Sports has always been a major part of the coverage for The Recorder and Times.
And, local sports and local athletes have always been considered a priority for the readership that enjoys learning who is doing what in and out of Brockville and area.
Growing up in Toledo in the 1960s and early 1970s, I would always enjoy reading the sports pages of The R and T.
That’s where I read about the Commercial Stars and Cardinal Pats, the rivalries between the TISS Pirates and BCI Red Rams, the Brockville Bunnies, the Brockville Braves. Those were the sports writing days of Don Swayne, Phil Kall and Al Levere.
When I started at the paper on May 12, 1975, I began as a general reporter but my interest was always to get into the sports department. There were always plenty of sports to cover and I helped out whenever I could on nights and weekends.
When Don Swayne moved over to the city side of the news and Al Levere moved on to a weekly newspaper, I stepped in as Phil Kall’s assistant. When he left sports in 1979, I stepped in as sports editor and I was proudly entrenched in that job until the end of June 2012 when I retired after 37 years at The Recorder and Times.
For the majority of my time there, the paper came out six days a week. Owners Hunter Grant and Perry Beverley believed in local sports content and there was no lack of sports coverage or story ideas in Brockville and area.
The Recorder and Times covered a wide radius from Gananoque in the west to Elgin and Westport to Smiths Falls to Kemptville to Cardinal and Morrisburg in the east. For special stories or events with local athletes and teams, there were road trips to Kingston, Belleville, Perth, Pembroke, Ottawa and Cornwall.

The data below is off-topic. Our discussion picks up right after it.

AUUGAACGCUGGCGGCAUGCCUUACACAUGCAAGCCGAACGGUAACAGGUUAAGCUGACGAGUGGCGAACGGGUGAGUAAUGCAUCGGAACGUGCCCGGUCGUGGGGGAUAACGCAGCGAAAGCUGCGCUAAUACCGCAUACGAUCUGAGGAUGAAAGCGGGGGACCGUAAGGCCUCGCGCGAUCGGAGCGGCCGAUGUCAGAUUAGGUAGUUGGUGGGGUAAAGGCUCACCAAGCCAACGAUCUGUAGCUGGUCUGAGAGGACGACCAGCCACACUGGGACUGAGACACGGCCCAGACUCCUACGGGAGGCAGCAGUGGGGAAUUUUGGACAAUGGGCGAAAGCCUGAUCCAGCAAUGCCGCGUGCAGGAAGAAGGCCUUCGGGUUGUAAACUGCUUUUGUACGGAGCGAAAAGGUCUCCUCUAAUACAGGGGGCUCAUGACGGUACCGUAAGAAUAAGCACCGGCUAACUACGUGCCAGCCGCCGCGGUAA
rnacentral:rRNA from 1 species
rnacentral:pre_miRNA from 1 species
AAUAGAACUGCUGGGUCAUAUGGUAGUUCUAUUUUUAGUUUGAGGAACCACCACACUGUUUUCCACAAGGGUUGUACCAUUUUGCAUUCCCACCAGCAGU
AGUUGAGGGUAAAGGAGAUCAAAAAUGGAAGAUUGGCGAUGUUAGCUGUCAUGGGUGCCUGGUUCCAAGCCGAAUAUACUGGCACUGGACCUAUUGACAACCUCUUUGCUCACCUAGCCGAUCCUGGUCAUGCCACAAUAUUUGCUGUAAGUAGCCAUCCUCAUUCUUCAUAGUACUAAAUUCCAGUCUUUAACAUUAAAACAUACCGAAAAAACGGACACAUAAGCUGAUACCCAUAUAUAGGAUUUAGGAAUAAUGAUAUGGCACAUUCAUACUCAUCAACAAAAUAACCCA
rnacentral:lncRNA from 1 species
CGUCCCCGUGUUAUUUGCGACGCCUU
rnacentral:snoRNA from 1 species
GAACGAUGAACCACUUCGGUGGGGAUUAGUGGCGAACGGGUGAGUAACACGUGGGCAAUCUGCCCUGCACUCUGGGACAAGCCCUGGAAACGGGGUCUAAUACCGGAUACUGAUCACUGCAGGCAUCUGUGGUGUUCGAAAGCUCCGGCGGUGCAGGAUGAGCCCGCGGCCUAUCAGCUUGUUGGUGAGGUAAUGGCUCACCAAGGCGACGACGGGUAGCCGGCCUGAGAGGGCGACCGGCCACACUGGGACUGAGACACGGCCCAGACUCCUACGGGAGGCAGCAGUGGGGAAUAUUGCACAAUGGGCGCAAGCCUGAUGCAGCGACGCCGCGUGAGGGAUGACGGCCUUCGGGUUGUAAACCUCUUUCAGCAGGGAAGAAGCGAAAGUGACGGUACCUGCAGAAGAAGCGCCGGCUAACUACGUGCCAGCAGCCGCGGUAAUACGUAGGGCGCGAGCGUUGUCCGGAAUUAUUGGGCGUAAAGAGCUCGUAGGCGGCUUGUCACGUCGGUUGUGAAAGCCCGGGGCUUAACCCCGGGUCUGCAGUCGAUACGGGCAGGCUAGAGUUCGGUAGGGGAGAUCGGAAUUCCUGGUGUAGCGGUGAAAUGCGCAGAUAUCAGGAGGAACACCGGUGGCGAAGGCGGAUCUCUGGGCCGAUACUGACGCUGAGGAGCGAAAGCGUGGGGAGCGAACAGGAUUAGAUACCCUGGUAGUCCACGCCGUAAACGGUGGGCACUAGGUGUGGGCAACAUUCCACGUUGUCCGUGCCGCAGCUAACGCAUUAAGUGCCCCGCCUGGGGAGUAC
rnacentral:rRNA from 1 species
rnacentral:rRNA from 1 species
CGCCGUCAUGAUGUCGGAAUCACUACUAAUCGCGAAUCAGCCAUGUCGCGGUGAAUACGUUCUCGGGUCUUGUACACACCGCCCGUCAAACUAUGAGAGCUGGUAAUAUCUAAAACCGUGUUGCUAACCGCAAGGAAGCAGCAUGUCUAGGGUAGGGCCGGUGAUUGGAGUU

There was no lack of sports that deserved coverage by a community newspaper. The Leeds and Grenville high school system had nine schools, along with keeping an eye on Smiths Falls Collegiate. The rivalry between the Smiths Falls Bears and Brockville Braves highlighted the Central Junior A Hockey League. The Rideau-St. Lawrence Junior B Hockey League provided plenty of local entertainment, especially during some thrilling playoff times.
The Brockville Bunnies put out some of the best baseball teams in this area of the province and New York State. The Dundas Fastball League produced some of the best fastball in the province at a time when fastball in this area in the 1980s and 1990s was strong with the city fastball league, South Rideau, North Leeds, North Augusta and Smiths Falls town league.
The summer stock car races could draw 2,000 fans or more on a Friday or Saturday night.
The dedication and commitment of Chris Marshall and the other coaches at the Brockville Rowing Club produced talent that was always successful at the provincial and national level, becoming a pipeline for rowers to scholarships to the United States. The most recent Olympian is Conlin McCabe.
For a relatively small community and area, the variety of sports in this area was plentiful and the success of the athletes was high. There were always tournaments in the rinks or events in the local high schools on weekends. Sports in this city used to be very busy.
If anyone has a chance once COVID-19 is over, they can stroll into the lobby of the Memorial Centre to read the plaques of the Brockville and Area Sports Hall of Famers. It’s incredible what athletes from this area have accomplished and the number of dedicated coaches or volunteers who made it possible for those athletes to do what they did.
There were a number of special events over the course of my career in sports. Forgive me if I have forgotten or missed some of them.
These are in no particular order.
In 1990, Brockville’s Cyril Leeder and Randy Sexton were two main components of the Ottawa Senators franchise being brought into the NHL. Leeder was with the team for 27 years. Sexton moved on to a number of NHL positions, celebrating two Stanley Cup championships with the Pittsburgh Penguins. For a long time, there was quite the Brockville Connection with the Senators. It included Leeder, Sexton, Mark Bonneau, James Cotie, Jeff Kyle, Bob Brayton and Jim Steel. Only Bonneau remains with the Sens.